Today's update to Play Movies introduces a sleeker experience for Android devices. Unfortunately, the experience is too sleek for the Nexus Q to handle. For the few of you that have one of those endearing little spheres, your movies are now joining your music as content you can no longer stream to the device.
With both Play Music and Play Movies support gone, there is little reason to continue using the Nexus Q. Read More
The Nexus Q has had a tough life so far – that goes without saying. Things just got a little worse for the handful of us that use (and enjoy) the Q though – Google has seemingly sliced streaming support from the latest Play Music update, further reducing the impact of the Q's admittedly very limited use case.
Some users have actually reported problems with Q streaming dating all the way back to mid-March, and Google today responded to a thread on its Product Forums with the following:
Thanks for taking the time to report this issue.
It seems that the Nexus Q, while still not officially re-available in the Play Store, is apparently anything but forgotten. The device – which is codenamed steelhead – just got its first official CyanogenMod 10.1 nightly build. Neat-o.
: A "nightly" is a bleeding edge release that is built on a daily basis, usually at night after a full day's worth of new code has been committed.
It could oftentimes be unstable and not properly tested, lacking any changelogs, but eventually evolving into alphas, betas, release candidates, and finally stable releases.
Yesterday, Android maintainer JBQ posted up a number of binaries and Android 4.1.2 images for multiple Nexus devices. Owners of international GSM variants of the Galaxy Nexus, though, were left out on the image side. Today, both the "soju" (Nexus S) and "yakju" (Galaxy Nexus GSM) have had their factory images updated to Android 4.1.2, and you can find those images here.
Google also saw fit to finally release a factory image for the Nexus Q, though it's based on Android 4.0.4. Read More
Update: We've received confirmation from Google that shipping is underway for pre-order customers.
We've just received information suggesting that some Nexus Q's have begun shipping to customers who pre-ordered the device before Google announced yesterday that its launch had been suspended while the device was reworked to not be quite so useless. All pre-order customers were promised their Q's "soon" and free of charge, and apparently when they said soon, they meant it. Read More
Google has indefinitely suspended the launch of the Nexus Q to consumers so they can make it "do even more than it does today." Which translates to, roughly, "sorry, everyone is telling us this thing is basically useless as is, so please give us time to fix it." Those who pre-ordered will be getting free Q's, though, so that's pretty awesome. Here's the email Google sent out to pre-order customers:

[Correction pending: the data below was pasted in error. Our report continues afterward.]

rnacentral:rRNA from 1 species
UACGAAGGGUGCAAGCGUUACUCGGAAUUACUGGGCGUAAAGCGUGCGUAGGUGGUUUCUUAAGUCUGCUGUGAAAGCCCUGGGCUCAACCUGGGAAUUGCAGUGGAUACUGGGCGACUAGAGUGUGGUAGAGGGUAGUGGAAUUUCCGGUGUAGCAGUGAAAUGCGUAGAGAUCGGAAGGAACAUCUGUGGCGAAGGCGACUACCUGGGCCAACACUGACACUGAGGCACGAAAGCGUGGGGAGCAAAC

We have an important update about your Nexus Q pre-order.
Update: Surprise, surprise - the Nexus Q has had its ship date pushed another 2-3 weeks. We're guessing it doesn't have to do much with unexpected demand.
Oh Nexus Q, I really do want to love you. Unfortunately, you're just not 300 dollars of loveable. The media sphere (which sounds like something out of Futurama) is now officially shipping in 3-5 days.
So, if you want one of these things, go 'n get it. Read More
In a feat that, according to the CyanogenMod team, serves "as an indication of potential," Jason Parker (aka kornyone) has managed to boot CyanogenMod 9 on the Nexus Q.
Starting with fastboot, adb pushing, and running "just about any sideloaded APK" (including XBMC), Parker has been pushing the Q's potential over the past week in an effort that has culminated in getting a CM9 build (based on the Tuna/Maguro repositories and prebuilt kernel) to run on the device. Read More
Google tends to put Easter Eggs into all Android OS releases - remember the one Jelly Bean came with? Turns out the company stuffs these treats into more than just the operating system, as the Nexus Q's Android app has it too.
Beneath the tough outer shell of the Q lives a lonely Magic 8 Ball. To summon this Read More
genie bipolar fortuneteller, rub tap it in the right place a few times, and out it comes.
When Google unveiled the Nexus Q at I/O on Wednesday, there were cheers. But not until the designers and creators of the hardware came on stage to explain what it was for a good 5 minutes. Hell, they even put together a fantastic video showing the process of manufacturing the Q (in the good 'ol US of A!). Seriously, if you haven't watched it - watch it. The production values are outstanding. Read More